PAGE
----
Logarithms have proven to be a frequent sticking point for math students over the years. Often, they are part of these students' introduction to the world of exponents. Many of the concepts aren't intuitive and don't necessarily follow from anything else the students may have learned about mathematics.

Nevertheless, logarithms, often colloquially called "**logs**," have proven very useful to mathematicians and others over the centuries. They provide a helpful way of presenting relationships between numbers that tend to diverge very quickly on an absolute scale but show a fixed proportional relationship when logs are taken into account.

Since many math functions have inverses, you may have wondered, "What is the inverse of log, if there is such a thing?" In fact, the **antilog** operator provides just this function. But how does it work?

## What Is a Logarithm?

A **logarithm** is just an exponent, or power. Normally, you see exponents written as such and attached to the number being raised to that exponent, called the **base**. For example, when you see the expression y = 5^{3}, you identify the superscript font used for "3" as an exponent. You can then solve the equation: 5^{3} = 125.

For reasons too deep to explore now, when the base is chosen to be a number very close to 2.718, its logarithms take on unique properties. For this reason, this base is given a special name, *e*, and the logarithm of any number with *e* as the base is written not log_{e}x or log_{2.718}x, but ln x, expressed in words as "natural log of x."

## What Is an Antilog?

An **antilog** is the result of raising the base being used to the logarithm given or calculated. Put another way, it "undoes" what calculating the logarithm of a number does and simply returns that number. In an equation of the form log_{b}x = y, it is the "x" term, called the argument of the log function.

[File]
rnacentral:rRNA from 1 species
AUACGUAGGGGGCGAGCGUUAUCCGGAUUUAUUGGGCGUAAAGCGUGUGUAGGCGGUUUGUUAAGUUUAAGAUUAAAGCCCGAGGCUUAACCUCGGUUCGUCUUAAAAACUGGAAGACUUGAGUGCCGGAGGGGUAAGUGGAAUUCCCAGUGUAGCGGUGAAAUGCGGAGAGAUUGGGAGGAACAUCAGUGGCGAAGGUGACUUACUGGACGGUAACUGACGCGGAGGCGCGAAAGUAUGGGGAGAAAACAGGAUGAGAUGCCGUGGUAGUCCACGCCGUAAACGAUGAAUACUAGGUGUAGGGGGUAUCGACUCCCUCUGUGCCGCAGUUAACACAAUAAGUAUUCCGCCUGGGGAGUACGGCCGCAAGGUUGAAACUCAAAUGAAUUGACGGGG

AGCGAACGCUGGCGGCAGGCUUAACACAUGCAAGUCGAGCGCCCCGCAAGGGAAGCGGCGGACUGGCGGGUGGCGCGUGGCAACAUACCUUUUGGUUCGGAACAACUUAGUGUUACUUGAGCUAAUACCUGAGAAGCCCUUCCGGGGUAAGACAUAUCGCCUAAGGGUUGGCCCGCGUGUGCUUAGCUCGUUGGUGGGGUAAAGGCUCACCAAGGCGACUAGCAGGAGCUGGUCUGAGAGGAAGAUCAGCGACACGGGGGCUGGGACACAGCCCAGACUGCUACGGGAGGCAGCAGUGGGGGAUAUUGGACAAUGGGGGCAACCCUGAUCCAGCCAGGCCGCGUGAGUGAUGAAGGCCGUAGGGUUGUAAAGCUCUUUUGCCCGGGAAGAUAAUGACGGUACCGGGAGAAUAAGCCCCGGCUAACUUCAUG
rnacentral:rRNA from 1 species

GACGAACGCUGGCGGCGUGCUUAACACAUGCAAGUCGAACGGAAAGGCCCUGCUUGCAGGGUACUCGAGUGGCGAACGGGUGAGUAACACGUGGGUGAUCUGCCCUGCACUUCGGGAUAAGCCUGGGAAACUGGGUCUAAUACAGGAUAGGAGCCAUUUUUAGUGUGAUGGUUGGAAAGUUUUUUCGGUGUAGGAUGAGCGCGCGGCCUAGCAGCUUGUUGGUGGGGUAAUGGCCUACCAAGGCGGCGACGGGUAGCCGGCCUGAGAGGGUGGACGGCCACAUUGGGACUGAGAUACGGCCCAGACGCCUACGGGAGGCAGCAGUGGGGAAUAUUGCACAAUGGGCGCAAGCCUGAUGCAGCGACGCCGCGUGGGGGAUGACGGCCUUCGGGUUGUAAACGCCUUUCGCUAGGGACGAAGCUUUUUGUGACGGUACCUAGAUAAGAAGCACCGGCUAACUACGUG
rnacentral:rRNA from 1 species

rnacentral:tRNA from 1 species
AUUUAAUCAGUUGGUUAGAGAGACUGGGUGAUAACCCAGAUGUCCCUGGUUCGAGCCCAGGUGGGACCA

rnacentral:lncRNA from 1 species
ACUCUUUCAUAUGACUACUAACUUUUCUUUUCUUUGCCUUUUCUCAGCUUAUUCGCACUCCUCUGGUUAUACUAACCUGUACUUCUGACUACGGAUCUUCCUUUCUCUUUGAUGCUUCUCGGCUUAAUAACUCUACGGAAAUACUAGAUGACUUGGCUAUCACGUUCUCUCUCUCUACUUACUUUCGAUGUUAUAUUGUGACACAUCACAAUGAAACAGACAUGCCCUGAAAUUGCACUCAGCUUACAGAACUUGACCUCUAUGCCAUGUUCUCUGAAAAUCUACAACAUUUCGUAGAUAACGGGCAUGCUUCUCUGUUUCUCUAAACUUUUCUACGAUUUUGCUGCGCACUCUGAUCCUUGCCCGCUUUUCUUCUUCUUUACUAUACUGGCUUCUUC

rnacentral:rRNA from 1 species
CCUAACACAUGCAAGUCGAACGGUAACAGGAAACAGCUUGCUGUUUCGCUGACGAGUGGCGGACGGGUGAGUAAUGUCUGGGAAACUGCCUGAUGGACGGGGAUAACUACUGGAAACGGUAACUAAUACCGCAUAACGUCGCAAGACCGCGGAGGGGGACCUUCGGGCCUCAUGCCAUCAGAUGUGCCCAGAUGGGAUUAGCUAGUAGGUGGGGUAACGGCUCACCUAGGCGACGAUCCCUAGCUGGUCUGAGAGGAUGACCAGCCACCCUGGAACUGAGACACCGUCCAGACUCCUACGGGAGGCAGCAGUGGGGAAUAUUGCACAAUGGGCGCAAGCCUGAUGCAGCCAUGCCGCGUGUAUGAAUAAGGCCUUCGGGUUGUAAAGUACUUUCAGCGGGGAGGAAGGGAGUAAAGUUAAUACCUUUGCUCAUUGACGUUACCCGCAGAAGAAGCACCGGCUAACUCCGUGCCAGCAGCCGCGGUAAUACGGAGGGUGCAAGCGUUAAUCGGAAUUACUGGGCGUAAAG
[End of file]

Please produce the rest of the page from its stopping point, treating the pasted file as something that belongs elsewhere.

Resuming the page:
- "Antilog" can also be written
**log**_{b}^{-1}or just**log**where base 10 is implied by default.^{-1}

In summary, then:

Antilog x = log_{b}^{-1}x = y = b^{x}

## Why Are Logarithmic and Antilog Equations Used?

When a quantity y varies with some power of x, depending on the value of the exponent, the value of y tends to increase a great deal more quickly than does the value of x. Instead, y tends to increase in proportion to the log of x, that is, the exponent to which x is raised.

This property comes in handy in physical situations in which this kind of relationship holds. For example, star brightness is classified on the basis of apparent magnitude, with the scale originally set so that 0 was close to the brightest star in the sky and 5 was visible only to eagle-eyed stargazers.

Because the stellar magnitude scale is based on logs, each integer step corresponds to a 2.5-fold change in brightness. Thus a 2.3-magnitude star is 2.5 times as bright as a 3.3-magnitude star and about (2.5 × 2.5 = 6.25) times as bright as a 4.3-magnitude star.

## How to Calculate Antilog

The antilog of any number is just the base raised to that number. So antilog_{10}(3.5) = 10^{(3.5)} = 3,162.3. This applies to any base; for example, antilog_{7}3 = 7^{3} = 343.

You can also obtain the value of the antilog of a number from its logarithmic expression. For example, log_{10}1,000,000 = 6, making the antilog of 6 to the base 10, which you can also write log_{10}^{-1}(6), equal to 1,000,000, or the argument of the log expression.

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About the Author

Kevin Beck holds a bachelor's degree in physics with minors in math and chemistry from the University of Vermont. Formerly with ScienceBlogs.com and the editor of "Run Strong," he has written for Runner's World, Men's Fitness, Competitor, and a variety of other publications. More about Kevin and links to his professional work can be found at www.kemibe.com.